When you make music, you never know how people will react to it and talk about it. I live in Los Angeles, a really big city, you could drive for two hours, no traffic, and you could still be in LA. So there are lot of different kind of people, every type of people you could almost think of, different cultures. This group that I work with, the music we do, it is jazz. But the word jazz is just a word, you could call it… whatever you want. We’ve taken our music to lots of different places and we never get a negative response. Even in places where no one is listening to jazz. The thing with LA is, all musicians in LA and all of their styles, we all know each other. I know a lot of the rock musicians, of the hiphop DJs, a lot of gospel and funk musicians. That means we play clubs that normally never have jazz acts playing, with a stage so small we are cramped together because they normally only have DJs. In those kind of environments in the beginning everyone in the audience looks at us and thinks: „What is this? I came here to hear a DJ and now there is this band with an upright bass, saxophones, trumpets..?“ And then we play our music and by the end of the set they say: „I love this! What is this?“
I always knew that my music has the potential to catch people that didn’t look at themselves as fans of jazz. But people who say they don’t like jazz usually haven’t listened to it anyway – that’s my experience.

Often people in Europe misread jazz as intellectual music. Which is such a weird conclusion. Of course there can be quite an intellectual approach to jazz music as much as there is in post-rock or minimal techno… but jazz is on the other side as texture, warm, as embracing as let’s say soul music or other genres which aren’t perceived as “intellectual”…
Any music could be intellectual in its own way. In the US jazz has the character of “old music”, that it is about things that happened 50 years ago, not about what is happening now, not a current thing. And that is not true. Jazz is not ‘older’ than rock’n’roll. It is just a perception. I realise, when we play it, people love it as there is so much personality in the music. We are having this conversation people could connect to. When I put the album out, I didnt know if people would listen to it. Maybe they look at it and see it is as what it is: a jazz record with a bunch of instruments on it and say: „I am not gonna listen to it!“ But I was sure, if they listened to it, they were gonna like it.

You can feel this belief in the potential of your music to draw people in, in fact it seems to be written there in the title “The Epic” as well as in the very scale of the work – being a debut triple album.

Do you see the music you do as a continuation of jazz as conceived by people like Sun Ra, John Coltrane and Pharaoh Sanders, or do you feel this is totally your own path?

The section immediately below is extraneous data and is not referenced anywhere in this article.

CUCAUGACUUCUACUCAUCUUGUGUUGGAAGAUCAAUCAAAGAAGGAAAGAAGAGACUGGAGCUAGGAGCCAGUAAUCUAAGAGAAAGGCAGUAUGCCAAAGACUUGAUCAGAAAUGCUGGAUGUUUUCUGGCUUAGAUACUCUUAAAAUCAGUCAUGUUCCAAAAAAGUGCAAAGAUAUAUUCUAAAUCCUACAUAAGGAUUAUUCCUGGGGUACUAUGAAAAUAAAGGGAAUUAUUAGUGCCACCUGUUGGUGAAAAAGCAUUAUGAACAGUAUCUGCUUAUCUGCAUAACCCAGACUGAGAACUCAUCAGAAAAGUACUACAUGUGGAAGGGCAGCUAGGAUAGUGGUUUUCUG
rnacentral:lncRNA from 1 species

Everything people do is a continuation what people before them did. Even when you are trying to walk away, that means you are walking away from something. It is always a continuation. Before I had a band something had to be there to lead to a band. For us, I feel like not we are not trying to do anything, neither display what happened before nor get away from it. Most of us are second generation musicians so we grew up with and around music. It is a part of us. We embedded it in our personality, so we have our own style, our own music we are playing. We try to play as us – and this is including the people we were listening to. So it is both: I am not trying to sound like John Coltrane. But I am not trying not to sound like John Coltrane. I am trying to sound like me. Who I am? I have listened to Busta Rhymes, Dr. Dre, Ravel, Tchaikovsky, all kinds of music made me who I am. It is about expressing what is in me and getting that out. The music is just an expression, a way of communication. I am not trying to do anything. I am trying to give the flower the bloom.

How does feel for you to work with people like Snoop Dogg or Kendrick Lamar?

Is it true that you said that people have told you ‘not to play too musical’? Who would do this?!
Lots of people. I kinda understand what they try to say.

Well, I guess this comes from the same perspective as when people say: „jazz is intellectual“. There is a certain angst or fear within them.
Yeah. We are intellectual, emotional human beings. The notion that people ain’t like something cause it is not easy… lots of great music is difficult and not difficult at the same time. A rainbow has all those colors – it is difficult to describe but not hard to look at it. Any music is difficult to play, it may sound like that but…. It is is not easy to play like James Brown: dum dum dum, all over again. But still really hard to play it like he does. Only a very few people could play it like that. Jazz is difficult in a different way, but at the same time it is not difficult – you could listen to it. As much as I know about music, when I listen to John Coltrane I don’t know what he is doing. I am just listening to it and enjoying for what it is and not analyzing which harmonies he plays or how it is related to ‘x’… I am simply enjoying it and letting it disappear up into the air.

Some things can´t disappear that easy in the air. Talking about your music also means talking politics:

Kamasi, hearing you describe your everyday experiences as an African-American person in the US, I have of course to think about the processes we are experience right now over here in Europe. Reinforced by the asylum debate and also by those tragic attacks in Paris we see a lof of regressive tendencies towards social groups separating…
It has always been there. In the 30s and the 40s this mentality was on the forefront, living in the light. Everyone knew what they thought. They didn’t hide it, were not ashamed to feel that way. They talked and acted openly that way. In the 50s, 60s and 70s there was a push back from the rest of society, from those who do not think like that, who do not have this kind of feelings. So those people pushed the others back and were trying to get rid of them. But it was still happening in the shadows. Now there is somebody with a camera in the shadows and puts the light on it and we have to deal with it all over again. It is the responsibility of us people, the ones who don’t believe like that to get up and push them back. It is a shame that people don’t realise that violence and hatred are not the answer. If you refer to that you lose in one way or the other: either you lose your body or you lose your soul, depends on which side of the gun you are.

Kamasi, I would love to keep on talking to you, but I think your soundcheck needs you. It was a great pleasure.
Man, same here.